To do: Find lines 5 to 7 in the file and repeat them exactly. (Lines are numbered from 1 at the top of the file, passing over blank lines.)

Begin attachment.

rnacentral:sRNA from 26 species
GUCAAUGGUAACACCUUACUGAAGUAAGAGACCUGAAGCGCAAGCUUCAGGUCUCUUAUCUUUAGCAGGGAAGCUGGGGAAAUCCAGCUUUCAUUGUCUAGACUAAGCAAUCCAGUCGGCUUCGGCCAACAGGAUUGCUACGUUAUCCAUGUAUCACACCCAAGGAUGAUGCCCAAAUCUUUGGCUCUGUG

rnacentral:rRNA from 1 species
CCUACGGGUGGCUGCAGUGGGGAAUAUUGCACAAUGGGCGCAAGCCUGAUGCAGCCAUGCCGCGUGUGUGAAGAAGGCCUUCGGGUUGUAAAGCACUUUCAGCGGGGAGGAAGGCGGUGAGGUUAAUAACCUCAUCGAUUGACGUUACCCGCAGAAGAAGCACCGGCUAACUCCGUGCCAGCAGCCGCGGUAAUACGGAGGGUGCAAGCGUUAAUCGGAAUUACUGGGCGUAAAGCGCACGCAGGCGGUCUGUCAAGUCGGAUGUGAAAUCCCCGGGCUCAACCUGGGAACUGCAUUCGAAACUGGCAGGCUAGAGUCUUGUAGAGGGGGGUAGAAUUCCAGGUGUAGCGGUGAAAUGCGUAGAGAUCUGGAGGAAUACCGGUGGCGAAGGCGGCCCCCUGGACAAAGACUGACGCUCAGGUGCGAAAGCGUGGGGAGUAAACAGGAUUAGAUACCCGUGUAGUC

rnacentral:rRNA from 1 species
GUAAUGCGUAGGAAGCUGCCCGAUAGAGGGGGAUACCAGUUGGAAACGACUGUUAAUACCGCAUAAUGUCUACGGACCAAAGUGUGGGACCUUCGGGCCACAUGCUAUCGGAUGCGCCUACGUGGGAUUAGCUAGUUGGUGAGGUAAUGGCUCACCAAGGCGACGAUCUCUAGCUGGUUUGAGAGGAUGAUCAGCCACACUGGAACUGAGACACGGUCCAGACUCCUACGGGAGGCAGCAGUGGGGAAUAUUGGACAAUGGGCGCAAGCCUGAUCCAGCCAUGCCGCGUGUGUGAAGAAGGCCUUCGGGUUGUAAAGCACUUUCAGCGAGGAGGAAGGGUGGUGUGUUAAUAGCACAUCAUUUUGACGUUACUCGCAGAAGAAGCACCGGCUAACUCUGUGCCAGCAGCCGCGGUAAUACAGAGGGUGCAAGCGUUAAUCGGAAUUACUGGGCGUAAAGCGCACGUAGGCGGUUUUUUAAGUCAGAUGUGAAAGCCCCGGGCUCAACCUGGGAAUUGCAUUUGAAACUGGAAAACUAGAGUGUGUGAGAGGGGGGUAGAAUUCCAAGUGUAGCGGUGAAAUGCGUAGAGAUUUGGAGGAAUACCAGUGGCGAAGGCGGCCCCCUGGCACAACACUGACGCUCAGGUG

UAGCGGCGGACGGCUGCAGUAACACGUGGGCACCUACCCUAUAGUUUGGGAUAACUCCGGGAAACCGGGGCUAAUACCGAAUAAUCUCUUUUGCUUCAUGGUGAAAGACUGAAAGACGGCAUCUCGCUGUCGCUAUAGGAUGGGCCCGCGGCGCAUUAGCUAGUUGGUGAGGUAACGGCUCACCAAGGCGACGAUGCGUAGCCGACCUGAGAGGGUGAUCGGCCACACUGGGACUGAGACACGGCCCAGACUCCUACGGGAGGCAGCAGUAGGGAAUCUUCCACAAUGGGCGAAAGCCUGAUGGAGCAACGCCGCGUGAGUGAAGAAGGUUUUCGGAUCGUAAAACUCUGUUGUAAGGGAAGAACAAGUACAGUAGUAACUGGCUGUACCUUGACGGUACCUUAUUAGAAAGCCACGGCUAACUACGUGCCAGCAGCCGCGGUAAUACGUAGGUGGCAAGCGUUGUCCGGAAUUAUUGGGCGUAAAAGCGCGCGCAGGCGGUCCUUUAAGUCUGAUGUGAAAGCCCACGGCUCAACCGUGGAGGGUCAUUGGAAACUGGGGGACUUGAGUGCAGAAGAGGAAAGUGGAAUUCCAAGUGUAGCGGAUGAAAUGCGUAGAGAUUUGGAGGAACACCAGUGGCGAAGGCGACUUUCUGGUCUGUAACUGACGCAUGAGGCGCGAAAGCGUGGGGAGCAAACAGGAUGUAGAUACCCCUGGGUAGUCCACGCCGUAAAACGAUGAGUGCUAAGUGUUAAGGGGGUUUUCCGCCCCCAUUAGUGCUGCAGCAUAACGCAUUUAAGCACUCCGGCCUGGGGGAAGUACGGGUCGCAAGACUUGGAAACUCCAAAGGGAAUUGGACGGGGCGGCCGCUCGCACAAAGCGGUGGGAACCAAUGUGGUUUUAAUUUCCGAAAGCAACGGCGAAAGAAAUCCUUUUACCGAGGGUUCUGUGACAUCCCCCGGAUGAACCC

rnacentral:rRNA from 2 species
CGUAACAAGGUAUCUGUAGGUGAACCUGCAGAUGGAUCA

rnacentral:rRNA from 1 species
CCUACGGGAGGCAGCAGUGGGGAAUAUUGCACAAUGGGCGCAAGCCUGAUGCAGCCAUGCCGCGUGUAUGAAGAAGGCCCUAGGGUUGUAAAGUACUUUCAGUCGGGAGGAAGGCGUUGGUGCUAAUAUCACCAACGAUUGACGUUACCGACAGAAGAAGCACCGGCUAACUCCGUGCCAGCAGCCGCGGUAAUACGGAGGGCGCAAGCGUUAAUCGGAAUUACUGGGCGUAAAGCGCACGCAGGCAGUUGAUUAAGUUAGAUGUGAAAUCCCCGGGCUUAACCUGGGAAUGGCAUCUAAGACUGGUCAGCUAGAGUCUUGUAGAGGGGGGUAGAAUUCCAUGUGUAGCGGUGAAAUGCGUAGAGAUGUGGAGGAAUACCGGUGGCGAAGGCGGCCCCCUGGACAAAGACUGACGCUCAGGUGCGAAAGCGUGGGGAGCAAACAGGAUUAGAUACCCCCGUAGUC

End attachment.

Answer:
rnacentral:rRNA from 1 species
GUAAUGCGUAGGAAGCUGCCCGAUAGAGGGGGAUACCAGUUGGAAACGACUGUUAAUACCGCAUAAUGUCUACGGACCAAAGUGUGGGACCUUCGGGCCACAUGCUAUCGGAUGCGCCUACGUGGGAUUAGCUAGUUGGUGAGGUAAUGGCUCACCAAGGCGACGAUCUCUAGCUGGUUUGAGAGGAUGAUCAGCCACACUGGAACUGAGACACGGUCCAGACUCCUACGGGAGGCAGCAGUGGGGAAUAUUGGACAAUGGGCGCAAGCCUGAUCCAGCCAUGCCGCGUGUGUGAAGAAGGCCUUCGGGUUGUAAAGCACUUUCAGCGAGGAGGAAGGGUGGUGUGUUAAUAGCACAUCAUUUUGACGUUACUCGCAGAAGAAGCACCGGCUAACUCUGUGCCAGCAGCCGCGGUAAUACAGAGGGUGCAAGCGUUAAUCGGAAUUACUGGGCGUAAAGCGCACGUAGGCGGUUUUUUAAGUCAGAUGUGAAAGCCCCGGGCUCAACCUGGGAAUUGCAUUUGAAACUGGAAAACUAGAGUGUGUGAGAGGGGGGUAGAAUUCCAAGUGUAGCGGUGAAAUGCGUAGAGAUUUGGAGGAAUACCAGUGGCGAAGGCGGCCCCCUGGCACAACACUGACGCUCAGGUG

UAGCGGCGGACGGCUGCAGUAACACGUGGGCACCUACCCUAUAGUUUGGGAUAACUCCGGGAAACCGGGGCUAAUACCGAAUAAUCUCUUUUGCUUCAUGGUGAAAGACUGAAAGACGGCAUCUCGCUGUCGCUAUAGGAUGGGCCCGCGGCGCAUUAGCUAGUUGGUGAGGUAACGGCUCACCAAGGCGACGAUGCGUAGCCGACCUGAGAGGGUGAUCGGCCACACUGGGACUGAGACACGGCCCAGACUCCUACGGGAGGCAGCAGUAGGGAAUCUUCCACAAUGGGCGAAAGCCUGAUGGAGCAACGCCGCGUGAGUGAAGAAGGUUUUCGGAUCGUAAAACUCUGUUGUAAGGGAAGAACAAGUACAGUAGUAACUGGCUGUACCUUGACGGUACCUUAUUAGAAAGCCACGGCUAACUACGUGCCAGCAGCCGCGGUAAUACGUAGGUGGCAAGCGUUGUCCGGAAUUAUUGGGCGUAAAAGCGCGCGCAGGCGGUCCUUUAAGUCUGAUGUGAAAGCCCACGGCUCAACCGUGGAGGGUCAUUGGAAACUGGGGGACUUGAGUGCAGAAGAGGAAAGUGGAAUUCCAAGUGUAGCGGAUGAAAUGCGUAGAGAUUUGGAGGAACACCAGUGGCGAAGGCGACUUUCUGGUCUGUAACUGACGCAUGAGGCGCGAAAGCGUGGGGAGCAAACAGGAUGUAGAUACCCCUGGGUAGUCCACGCCGUAAAACGAUGAGUGCUAAGUGUUAAGGGGGUUUUCCGCCCCCAUUAGUGCUGCAGCAUAACGCAUUUAAGCACUCCGGCCUGGGGGAAGUACGGGUCGCAAGACUUGGAAACUCCAAAGGGAAUUGGACGGGGCGGCCGCUCGCACAAAGCGGUGGGAACCAAUGUGGUUUUAAUUUCCGAAAGCAACGGCGAAAGAAAUCCUUUUACCGAGGGUUCUGUGACAUCCCCCGGAUGAACCC